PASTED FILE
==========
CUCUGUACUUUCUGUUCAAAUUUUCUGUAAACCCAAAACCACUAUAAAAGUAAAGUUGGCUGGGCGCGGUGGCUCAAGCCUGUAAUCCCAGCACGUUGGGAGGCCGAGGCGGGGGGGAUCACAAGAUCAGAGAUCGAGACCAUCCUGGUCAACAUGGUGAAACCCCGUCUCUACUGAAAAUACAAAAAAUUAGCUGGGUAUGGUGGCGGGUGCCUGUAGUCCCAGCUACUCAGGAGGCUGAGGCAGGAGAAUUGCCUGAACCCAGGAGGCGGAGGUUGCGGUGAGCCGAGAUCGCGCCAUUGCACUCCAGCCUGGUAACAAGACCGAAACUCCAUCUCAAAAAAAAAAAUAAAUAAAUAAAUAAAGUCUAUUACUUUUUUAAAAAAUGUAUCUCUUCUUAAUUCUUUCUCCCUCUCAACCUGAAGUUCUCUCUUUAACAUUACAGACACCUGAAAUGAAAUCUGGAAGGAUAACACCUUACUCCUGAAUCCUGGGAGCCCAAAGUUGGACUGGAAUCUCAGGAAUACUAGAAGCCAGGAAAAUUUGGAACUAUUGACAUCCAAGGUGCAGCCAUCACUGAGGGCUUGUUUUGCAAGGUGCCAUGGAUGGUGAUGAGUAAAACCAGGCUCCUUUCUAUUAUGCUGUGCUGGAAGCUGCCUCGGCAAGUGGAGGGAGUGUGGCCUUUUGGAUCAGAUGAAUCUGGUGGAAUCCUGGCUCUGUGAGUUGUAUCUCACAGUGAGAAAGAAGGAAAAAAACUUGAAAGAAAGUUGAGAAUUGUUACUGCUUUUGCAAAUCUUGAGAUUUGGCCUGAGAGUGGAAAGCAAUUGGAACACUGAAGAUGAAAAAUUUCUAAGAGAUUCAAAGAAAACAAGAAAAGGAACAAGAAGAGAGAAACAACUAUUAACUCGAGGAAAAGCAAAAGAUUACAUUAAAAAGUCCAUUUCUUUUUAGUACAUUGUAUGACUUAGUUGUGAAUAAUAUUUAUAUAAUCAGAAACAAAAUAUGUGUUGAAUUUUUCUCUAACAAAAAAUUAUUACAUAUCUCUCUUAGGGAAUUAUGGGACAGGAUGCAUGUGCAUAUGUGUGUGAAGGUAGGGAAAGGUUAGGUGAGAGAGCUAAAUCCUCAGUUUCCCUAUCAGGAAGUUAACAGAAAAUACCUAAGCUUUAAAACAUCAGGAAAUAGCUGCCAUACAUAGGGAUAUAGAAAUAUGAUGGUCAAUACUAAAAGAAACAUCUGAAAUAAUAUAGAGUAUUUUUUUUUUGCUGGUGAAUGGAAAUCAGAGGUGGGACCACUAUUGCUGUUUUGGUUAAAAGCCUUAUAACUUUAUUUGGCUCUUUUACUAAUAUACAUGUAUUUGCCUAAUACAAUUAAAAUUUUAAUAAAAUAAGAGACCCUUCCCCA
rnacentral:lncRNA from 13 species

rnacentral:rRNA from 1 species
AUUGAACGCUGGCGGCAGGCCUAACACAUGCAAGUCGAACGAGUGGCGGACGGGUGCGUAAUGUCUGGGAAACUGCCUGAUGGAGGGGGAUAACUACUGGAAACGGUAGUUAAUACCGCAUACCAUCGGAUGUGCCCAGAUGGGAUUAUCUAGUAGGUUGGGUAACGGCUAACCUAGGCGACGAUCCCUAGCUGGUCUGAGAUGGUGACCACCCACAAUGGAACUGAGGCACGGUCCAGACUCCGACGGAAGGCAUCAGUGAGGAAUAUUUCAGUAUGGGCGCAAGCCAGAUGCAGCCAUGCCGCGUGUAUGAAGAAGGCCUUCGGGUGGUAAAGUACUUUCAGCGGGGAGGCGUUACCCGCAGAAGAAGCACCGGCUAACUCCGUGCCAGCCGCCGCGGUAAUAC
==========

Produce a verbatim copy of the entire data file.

CUCUGUACUUUCUGUUCAAAUUUUCUGUAAACCCAAAACCACUAUAAAAGUAAAGUUGGCUGGGCGCGGUGGCUCAAGCCUGUAAUCCCAGCACGUUGGGAGGCCGAGGCGGGGGGGAUCACAAGAUCAGAGAUCGAGACCAUCCUGGUCAACAUGGUGAAACCCCGUCUCUACUGAAAAUACAAAAAAUUAGCUGGGUAUGGUGGCGGGUGCCUGUAGUCCCAGCUACUCAGGAGGCUGAGGCAGGAGAAUUGCCUGAACCCAGGAGGCGGAGGUUGCGGUGAGCCGAGAUCGCGCCAUUGCACUCCAGCCUGGUAACAAGACCGAAACUCCAUCUCAAAAAAAAAAAUAAAUAAAUAAAUAAAGUCUAUUACUUUUUUAAAAAAUGUAUCUCUUCUUAAUUCUUUCUCCCUCUCAACCUGAAGUUCUCUCUUUAACAUUACAGACACCUGAAAUGAAAUCUGGAAGGAUAACACCUUACUCCUGAAUCCUGGGAGCCCAAAGUUGGACUGGAAUCUCAGGAAUACUAGAAGCCAGGAAAAUUUGGAACUAUUGACAUCCAAGGUGCAGCCAUCACUGAGGGCUUGUUUUGCAAGGUGCCAUGGAUGGUGAUGAGUAAAACCAGGCUCCUUUCUAUUAUGCUGUGCUGGAAGCUGCCUCGGCAAGUGGAGGGAGUGUGGCCUUUUGGAUCAGAUGAAUCUGGUGGAAUCCUGGCUCUGUGAGUUGUAUCUCACAGUGAGAAAGAAGGAAAAAAACUUGAAAGAAAGUUGAGAAUUGUUACUGCUUUUGCAAAUCUUGAGAUUUGGCCUGAGAGUGGAAAGCAAUUGGAACACUGAAGAUGAAAAAUUUCUAAGAGAUUCAAAGAAAACAAGAAAAGGAACAAGAAGAGAGAAACAACUAUUAACUCGAGGAAAAGCAAAAGAUUACAUUAAAAAGUCCAUUUCUUUUUAGUACAUUGUAUGACUUAGUUGUGAAUAAUAUUUAUAUAAUCAGAAACAAAAUAUGUGUUGAAUUUUUCUCUAACAAAAAAUUAUUACAUAUCUCUCUUAGGGAAUUAUGGGACAGGAUGCAUGUGCAUAUGUGUGUGAAGGUAGGGAAAGGUUAGGUGAGAGAGCUAAAUCCUCAGUUUCCCUAUCAGGAAGUUAACAGAAAAUACCUAAGCUUUAAAACAUCAGGAAAUAGCUGCCAUACAUAGGGAUAUAGAAAUAUGAUGGUCAAUACUAAAAGAAACAUCUGAAAUAAUAUAGAGUAUUUUUUUUUUGCUGGUGAAUGGAAAUCAGAGGUGGGACCACUAUUGCUGUUUUGGUUAAAAGCCUUAUAACUUUAUUUGGCUCUUUUACUAAUAUACAUGUAUUUGCCUAAUACAAUUAAAAUUUUAAUAAAAUAAGAGACCCUUCCCCA
rnacentral:lncRNA from 13 species

rnacentral:rRNA from 1 species
AUUGAACGCUGGCGGCAGGCCUAACACAUGCAAGUCGAACGAGUGGCGGACGGGUGCGUAAUGUCUGGGAAACUGCCUGAUGGAGGGGGAUAACUACUGGAAACGGUAGUUAAUACCGCAUACCAUCGGAUGUGCCCAGAUGGGAUUAUCUAGUAGGUUGGGUAACGGCUAACCUAGGCGACGAUCCCUAGCUGGUCUGAGAUGGUGACCACCCACAAUGGAACUGAGGCACGGUCCAGACUCCGACGGAAGGCAUCAGUGAGGAAUAUUUCAGUAUGGGCGCAAGCCAGAUGCAGCCAUGCCGCGUGUAUGAAGAAGGCCUUCGGGUGGUAAAGUACUUUCAGCGGGGAGGCGUUACCCGCAGAAGAAGCACCGGCUAACUCCGUGCCAGCCGCCGCGGUAAUAC